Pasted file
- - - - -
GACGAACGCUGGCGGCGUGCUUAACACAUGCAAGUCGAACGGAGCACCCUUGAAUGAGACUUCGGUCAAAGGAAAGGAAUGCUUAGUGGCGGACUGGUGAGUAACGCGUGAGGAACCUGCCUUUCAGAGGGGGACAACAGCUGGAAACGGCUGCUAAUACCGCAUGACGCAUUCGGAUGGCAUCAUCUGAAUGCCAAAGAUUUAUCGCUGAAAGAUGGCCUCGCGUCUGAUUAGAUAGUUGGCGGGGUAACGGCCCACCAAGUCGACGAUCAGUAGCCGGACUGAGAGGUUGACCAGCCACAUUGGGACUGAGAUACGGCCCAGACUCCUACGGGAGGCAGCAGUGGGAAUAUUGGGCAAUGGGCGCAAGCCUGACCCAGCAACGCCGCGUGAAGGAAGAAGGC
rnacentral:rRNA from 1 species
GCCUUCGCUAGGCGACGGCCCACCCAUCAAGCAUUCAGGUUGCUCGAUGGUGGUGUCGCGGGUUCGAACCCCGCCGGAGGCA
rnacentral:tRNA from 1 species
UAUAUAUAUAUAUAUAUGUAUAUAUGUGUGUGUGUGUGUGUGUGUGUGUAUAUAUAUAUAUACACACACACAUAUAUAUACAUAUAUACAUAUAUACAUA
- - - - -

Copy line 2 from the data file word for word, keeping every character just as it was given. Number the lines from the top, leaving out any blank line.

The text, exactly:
rnacentral:rRNA from 1 species